Blog Assignment #6: The Exhibition

HY 3503 View looking down

Hello all you lovely readers, I have some exciting news!!  The Hayward Area Historical Society is looking for some new and unique ideas for exhibits in their museum and has asked me for my input on The Golden Gate Bridge Suicides.  Cool, right?  I am just thrilled to have this opportunity and want to share my process with all of you.

My plan is to first give them a little background information on the bridge and the suicides.  The Golden Gate Bridge is a symbol that many people all across the world have come to associate with not only the Bay Area and California, but the United States as a whole.  Bay Area citizens are proud to claim it as one of the most iconic symbols representing America.  The beauty that it holds is captivating and people travel for miles just to witness the wonder, but there is a dark secret it also possesses.  San Francisco’s Golden Gate Bridge is also known as the number one suicide location in the world.

HY 3503 Barrier Net coming soonOn average there have been roughly thirty suicides off of the Golden Gate Bridge since its opening in 1937.  Although it is extremely difficult to be precise about the numbers we do know that it is gradually increasing each year.  A writer from The San Francisco Chronicle, Demian Bulwa wrote that statement in March 2012.  “Thirty-seven people killed themselves by jumping from the Golden Gate Bridge in 2011, an increase from the past few years, said an organization pushing for the addition of a suicide barrier on the 75-year-old landmark.”[1]  In her article she discusses that in the seventy-five year life span of the bridge there has still not been a constructive solution to these tragedies and the biggest reason for that being that there are not enough people are invested in this project.  If we can offer more insight about these suicides and somehow convey to the Bay Area citizens that these incidents are absolutely 100% preventable if we stand together against this fight for better suicide prevention and mental illness awareness then a difference can be made.  The Chronicle has very interesting pieces on the Golden Gate Bridge, the jumpers, the suicide prevention organizations, and the bridge patrol officers that attempt to save the troubled people every day.  This part of the exhibit could have newspaper clippings written on and about the Golden Gate jumpers posted on a canvas into a collage.  I would like to set up a station in my exhibit dedicated directly to the San Francisco Chronicle because they are very close to the matter they recognize the significance of the situation and tend to give a lot more time to the issue.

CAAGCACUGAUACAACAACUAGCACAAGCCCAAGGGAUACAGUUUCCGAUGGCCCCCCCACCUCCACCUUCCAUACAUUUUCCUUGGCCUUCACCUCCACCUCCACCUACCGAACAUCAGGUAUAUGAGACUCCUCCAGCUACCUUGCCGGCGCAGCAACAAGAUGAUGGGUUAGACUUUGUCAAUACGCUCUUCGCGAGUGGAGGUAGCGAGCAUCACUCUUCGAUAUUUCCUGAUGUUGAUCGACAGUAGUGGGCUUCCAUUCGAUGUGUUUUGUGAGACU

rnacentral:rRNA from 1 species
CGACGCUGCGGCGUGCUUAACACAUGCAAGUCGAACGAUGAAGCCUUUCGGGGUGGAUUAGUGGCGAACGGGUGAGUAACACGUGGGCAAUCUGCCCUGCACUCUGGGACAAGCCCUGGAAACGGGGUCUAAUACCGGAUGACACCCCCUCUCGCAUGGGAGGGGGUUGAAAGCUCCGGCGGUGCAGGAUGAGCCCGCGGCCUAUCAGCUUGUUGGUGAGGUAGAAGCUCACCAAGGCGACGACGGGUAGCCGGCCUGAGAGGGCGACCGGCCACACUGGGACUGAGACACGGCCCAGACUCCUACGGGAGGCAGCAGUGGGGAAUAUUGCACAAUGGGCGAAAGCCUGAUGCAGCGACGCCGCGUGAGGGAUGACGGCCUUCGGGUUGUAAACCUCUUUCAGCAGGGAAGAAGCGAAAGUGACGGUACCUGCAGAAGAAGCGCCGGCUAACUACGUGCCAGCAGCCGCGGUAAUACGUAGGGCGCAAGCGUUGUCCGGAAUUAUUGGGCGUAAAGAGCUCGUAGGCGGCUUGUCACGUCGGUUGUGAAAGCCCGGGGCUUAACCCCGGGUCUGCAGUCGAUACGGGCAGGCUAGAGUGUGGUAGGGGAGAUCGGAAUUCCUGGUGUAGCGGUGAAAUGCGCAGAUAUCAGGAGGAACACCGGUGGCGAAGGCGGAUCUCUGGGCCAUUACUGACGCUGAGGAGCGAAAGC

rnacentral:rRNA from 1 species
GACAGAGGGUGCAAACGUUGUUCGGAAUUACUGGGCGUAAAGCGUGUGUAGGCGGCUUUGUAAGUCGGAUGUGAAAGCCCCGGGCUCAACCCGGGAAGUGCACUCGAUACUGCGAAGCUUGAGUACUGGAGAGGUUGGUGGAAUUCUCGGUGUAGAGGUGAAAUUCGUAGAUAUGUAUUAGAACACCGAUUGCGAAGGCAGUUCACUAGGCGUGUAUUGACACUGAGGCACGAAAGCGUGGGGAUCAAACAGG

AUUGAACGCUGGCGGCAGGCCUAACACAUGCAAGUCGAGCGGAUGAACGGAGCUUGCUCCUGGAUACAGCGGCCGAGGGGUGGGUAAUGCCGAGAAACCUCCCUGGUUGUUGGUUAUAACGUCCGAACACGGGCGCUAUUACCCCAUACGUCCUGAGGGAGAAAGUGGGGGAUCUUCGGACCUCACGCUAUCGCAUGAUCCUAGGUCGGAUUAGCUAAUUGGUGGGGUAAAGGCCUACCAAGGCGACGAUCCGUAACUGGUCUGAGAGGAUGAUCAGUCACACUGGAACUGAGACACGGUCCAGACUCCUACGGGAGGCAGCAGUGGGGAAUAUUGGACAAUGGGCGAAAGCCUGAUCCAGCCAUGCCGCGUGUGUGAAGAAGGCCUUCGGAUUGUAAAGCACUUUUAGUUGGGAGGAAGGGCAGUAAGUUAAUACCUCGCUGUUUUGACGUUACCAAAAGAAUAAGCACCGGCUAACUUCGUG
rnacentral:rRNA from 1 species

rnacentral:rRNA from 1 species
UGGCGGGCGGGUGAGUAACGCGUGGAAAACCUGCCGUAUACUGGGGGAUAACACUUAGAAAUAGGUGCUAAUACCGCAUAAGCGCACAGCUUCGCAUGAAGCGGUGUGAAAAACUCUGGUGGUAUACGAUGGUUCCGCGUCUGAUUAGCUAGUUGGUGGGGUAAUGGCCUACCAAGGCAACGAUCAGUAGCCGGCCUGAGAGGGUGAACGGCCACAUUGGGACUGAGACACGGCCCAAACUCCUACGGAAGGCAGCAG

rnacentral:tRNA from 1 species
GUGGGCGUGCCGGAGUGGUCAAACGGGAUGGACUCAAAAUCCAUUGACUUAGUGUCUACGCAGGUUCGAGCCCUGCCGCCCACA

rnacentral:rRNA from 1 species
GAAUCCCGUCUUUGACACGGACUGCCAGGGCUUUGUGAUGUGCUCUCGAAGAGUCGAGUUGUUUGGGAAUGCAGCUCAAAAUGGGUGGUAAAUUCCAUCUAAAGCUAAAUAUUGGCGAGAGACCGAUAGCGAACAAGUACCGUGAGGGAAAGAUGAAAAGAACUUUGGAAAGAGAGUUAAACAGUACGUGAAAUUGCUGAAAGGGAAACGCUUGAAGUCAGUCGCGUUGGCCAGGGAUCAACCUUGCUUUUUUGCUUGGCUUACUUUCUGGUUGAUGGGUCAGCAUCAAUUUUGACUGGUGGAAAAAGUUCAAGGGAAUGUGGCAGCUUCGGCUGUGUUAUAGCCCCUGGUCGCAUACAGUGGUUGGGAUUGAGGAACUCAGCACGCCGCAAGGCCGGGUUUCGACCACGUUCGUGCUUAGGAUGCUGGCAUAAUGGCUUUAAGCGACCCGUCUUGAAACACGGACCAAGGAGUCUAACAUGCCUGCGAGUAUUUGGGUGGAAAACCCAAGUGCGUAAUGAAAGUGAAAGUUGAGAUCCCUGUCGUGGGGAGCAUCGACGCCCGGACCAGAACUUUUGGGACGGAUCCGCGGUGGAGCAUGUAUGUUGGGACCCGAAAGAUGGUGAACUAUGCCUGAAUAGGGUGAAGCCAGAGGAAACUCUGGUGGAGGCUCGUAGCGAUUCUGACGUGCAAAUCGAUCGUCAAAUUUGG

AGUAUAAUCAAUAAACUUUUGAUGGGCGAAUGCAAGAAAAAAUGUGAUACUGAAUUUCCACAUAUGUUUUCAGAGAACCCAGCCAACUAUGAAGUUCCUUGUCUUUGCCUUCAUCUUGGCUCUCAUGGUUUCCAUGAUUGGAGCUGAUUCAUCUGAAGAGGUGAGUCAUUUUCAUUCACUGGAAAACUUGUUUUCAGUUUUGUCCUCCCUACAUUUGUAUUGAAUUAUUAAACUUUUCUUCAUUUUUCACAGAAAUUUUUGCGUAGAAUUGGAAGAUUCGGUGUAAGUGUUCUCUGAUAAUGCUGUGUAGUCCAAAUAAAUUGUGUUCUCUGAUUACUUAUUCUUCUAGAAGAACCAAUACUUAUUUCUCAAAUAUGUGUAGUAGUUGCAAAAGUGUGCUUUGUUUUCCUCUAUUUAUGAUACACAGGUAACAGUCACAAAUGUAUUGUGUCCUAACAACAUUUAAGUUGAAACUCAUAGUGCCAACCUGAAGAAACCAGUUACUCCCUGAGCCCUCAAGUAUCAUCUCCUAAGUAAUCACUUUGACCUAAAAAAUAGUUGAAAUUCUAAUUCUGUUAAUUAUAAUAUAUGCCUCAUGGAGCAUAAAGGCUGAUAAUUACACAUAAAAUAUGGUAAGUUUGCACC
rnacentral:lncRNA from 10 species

This location is a prime spot for those battling the decision to take their own life because it offers almost no plan for error.  However, there have been jumpers to change their mind in the midst of this traumatic fall and live to tell the tale.  Kevin Hines was diagnosed with a mental illness when he was seventeen and struggled every day with his depression and anger.  One day in 2000, he decided that there was no other way out of his depression but to find escape through jumping from the Golden Gate Bridge and ending his life.  When he got to the bridge he was in a terrible state; crying, confused and just broken inside.  He told himself that if just one person showed him compassion that he would change his mind, but when a German tourist asked him to take a picture for her and did not even acknowledge the fact that he was completely distraught and ask if he was alright it was the last straw.  He hurled himself over the edge and his first thought was that he did not want to die.  Within the four second 220 ft. drop, Kevin managed to position himself in such a manner that allowed him to survive the treacherous fate that so many others have chosen.  Now he is one of the biggest advocates for suicide prevention and mental health awareness.  “He is the sole survivor actively spreading the message of living mentally well and the prevention of suicide.”[2]  That has been my biggest goal in writing this blog and so I definitely want to have a part of my exhibit dedicated to Kevin Hines and his story.  In this part of the exhibit, I would like to have Kevin Hines’s story, pictures of before and after portraying his fight to raise awareness about mental illness.